ESCANABA - The former mayor of Escanaba has pleaded not guilty to embezzling more than $100,000 while he was secretary for a local service club.
Leo Evans, 58, of 212 S. 12th St., Escanaba, was arrested Monday for embezzling from the Escanaba Eagles Club during a three-year period, according to Michigan State Police from the Iron Mountain Post, the investigating agency.
"Evans is facing a 20-year felony," explained Det. Sgt. Chris Bracket from the Iron Mountain Post. The charge also has a maximum fine of $50,000 or three times the amount embezzled, whichever is greater.
For the past three months, the state police have been investigating Evans' alleged misuse of funds from the local Eagles Club from 2011 to 2014.
Three months ago, Evans resigned as mayor pro tem from the Escanaba City Council. He stated in his resignation letter that he was leaving due to an upcoming issue. Council accepted his resignation at its April 3 meeting.
Evans had served on city council for 18 years including several years he served as mayor.
Bracket stated In a news release that Evans was arrested Monday, then arraigned in Delta County District Court. He was released from police custody after posting $500 - 10 percent of a $5,000 cash bond - the same day.
According to court records, the arrest warrant against Evans was authorized by the county prosecutor on Friday. Bracket arrested him at his home on Monday. Evans appeared in district court with his attorney, Jayne Mackowiak of Escanaba, later Monday when he pleaded not guilty to one count of embezzlement $100,000 or more.
Evans then waived his preliminary examination, automatically binding over the embezzlement charge to circuit court where he may schedule a trial or make a plea.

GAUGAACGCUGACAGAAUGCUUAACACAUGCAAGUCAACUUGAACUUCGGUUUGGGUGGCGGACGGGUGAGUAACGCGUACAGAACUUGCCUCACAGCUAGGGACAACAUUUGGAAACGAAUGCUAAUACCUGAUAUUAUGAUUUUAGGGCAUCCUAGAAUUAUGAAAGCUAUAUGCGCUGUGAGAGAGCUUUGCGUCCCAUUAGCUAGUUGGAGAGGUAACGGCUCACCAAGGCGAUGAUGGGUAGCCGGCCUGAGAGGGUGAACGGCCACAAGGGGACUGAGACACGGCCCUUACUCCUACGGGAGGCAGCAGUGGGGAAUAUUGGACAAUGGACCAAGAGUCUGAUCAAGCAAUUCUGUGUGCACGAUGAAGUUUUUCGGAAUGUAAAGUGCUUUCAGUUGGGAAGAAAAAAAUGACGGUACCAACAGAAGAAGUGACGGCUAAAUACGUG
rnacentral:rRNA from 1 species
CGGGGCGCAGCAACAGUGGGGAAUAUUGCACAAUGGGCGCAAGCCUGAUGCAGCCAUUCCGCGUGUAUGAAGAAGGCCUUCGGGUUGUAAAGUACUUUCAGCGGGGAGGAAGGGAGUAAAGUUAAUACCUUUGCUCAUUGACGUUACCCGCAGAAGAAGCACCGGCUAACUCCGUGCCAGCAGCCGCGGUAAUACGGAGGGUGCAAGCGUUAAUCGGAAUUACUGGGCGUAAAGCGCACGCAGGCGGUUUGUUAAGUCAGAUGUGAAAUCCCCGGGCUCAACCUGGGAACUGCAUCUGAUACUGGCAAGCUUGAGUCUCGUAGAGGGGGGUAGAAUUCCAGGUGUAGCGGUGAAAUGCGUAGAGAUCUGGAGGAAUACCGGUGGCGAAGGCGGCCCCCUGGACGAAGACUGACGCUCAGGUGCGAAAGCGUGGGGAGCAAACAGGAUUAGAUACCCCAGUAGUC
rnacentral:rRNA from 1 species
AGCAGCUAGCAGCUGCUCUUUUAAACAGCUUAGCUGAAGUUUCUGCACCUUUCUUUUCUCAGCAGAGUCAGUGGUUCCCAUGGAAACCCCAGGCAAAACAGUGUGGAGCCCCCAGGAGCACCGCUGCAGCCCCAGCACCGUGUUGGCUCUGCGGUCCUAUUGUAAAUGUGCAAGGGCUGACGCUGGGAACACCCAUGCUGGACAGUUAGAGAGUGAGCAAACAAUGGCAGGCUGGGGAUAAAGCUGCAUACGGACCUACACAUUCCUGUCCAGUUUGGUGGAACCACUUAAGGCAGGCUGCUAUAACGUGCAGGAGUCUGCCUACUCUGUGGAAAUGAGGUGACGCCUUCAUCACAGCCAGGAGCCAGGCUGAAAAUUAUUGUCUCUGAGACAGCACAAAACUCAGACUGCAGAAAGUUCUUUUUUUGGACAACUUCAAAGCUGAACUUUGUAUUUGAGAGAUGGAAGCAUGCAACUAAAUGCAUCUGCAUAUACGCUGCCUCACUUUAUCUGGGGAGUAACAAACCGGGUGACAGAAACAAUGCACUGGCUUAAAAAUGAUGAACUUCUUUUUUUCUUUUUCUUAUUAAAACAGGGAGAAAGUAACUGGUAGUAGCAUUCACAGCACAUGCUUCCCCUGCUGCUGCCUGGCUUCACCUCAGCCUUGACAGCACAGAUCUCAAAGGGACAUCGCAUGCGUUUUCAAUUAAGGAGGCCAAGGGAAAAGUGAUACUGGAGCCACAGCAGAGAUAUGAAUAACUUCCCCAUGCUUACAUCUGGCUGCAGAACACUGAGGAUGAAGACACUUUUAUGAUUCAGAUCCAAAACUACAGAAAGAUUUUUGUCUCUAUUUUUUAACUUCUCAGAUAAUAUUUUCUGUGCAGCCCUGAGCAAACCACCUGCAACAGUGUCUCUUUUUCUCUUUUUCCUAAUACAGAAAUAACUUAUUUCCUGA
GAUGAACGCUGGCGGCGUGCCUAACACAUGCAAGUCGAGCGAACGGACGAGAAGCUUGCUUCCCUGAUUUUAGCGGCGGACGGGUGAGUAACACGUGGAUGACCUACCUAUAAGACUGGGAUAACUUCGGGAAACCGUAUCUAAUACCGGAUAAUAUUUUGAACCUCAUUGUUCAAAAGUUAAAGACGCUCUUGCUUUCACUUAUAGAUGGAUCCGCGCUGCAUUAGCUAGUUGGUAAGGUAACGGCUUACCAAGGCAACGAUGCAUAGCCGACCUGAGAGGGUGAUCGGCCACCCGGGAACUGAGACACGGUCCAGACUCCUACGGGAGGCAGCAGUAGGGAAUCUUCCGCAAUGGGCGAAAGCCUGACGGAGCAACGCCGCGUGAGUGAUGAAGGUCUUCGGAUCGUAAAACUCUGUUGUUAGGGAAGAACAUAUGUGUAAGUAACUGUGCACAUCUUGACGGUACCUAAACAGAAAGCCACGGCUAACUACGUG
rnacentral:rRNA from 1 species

According to Trevor Sebeck, the current secretary for the Escanaba Eagles Club, Evans resigned from the secretary position and the organization after trustees confronted him in March about the alleged misuse of club funds.
A local store had alerted club members about suspicious checks Evans was allegedly cashing, he said.
"Nobody really saw it coming," Sebeck said Tuesday. "It was someone you really trusted."
Sebeck added the issue is a learning experience for the club, which has stepped up its procedures within the organization.
"We're trying to get things back in order," he added.
According to the Fraternal Order of Eagles' website, the club is "an international non-profit organization uniting fraternally in the spirit of liberty, truth, justice, and equality, to make human life more desirable by lessening its ills and promoting peace, prosperity, gladness and hope."
The website also states, "F.O.E. donates more than $100 million a year to local communities, fundraisers, charities and more. As part of its philosophy, the F.O.E. gives back 100 percent of monies raised in the form of grants."
Fundraisers are conducted for major charities including kidney, heart, diabetes, cancer and spinal cord injury funds, a children's fund, memorial foundation and the Golden Eagle Fund, the website reads.
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Jenny Lancour, (906) 786-2021, ext. 143, firstname.lastname@example.org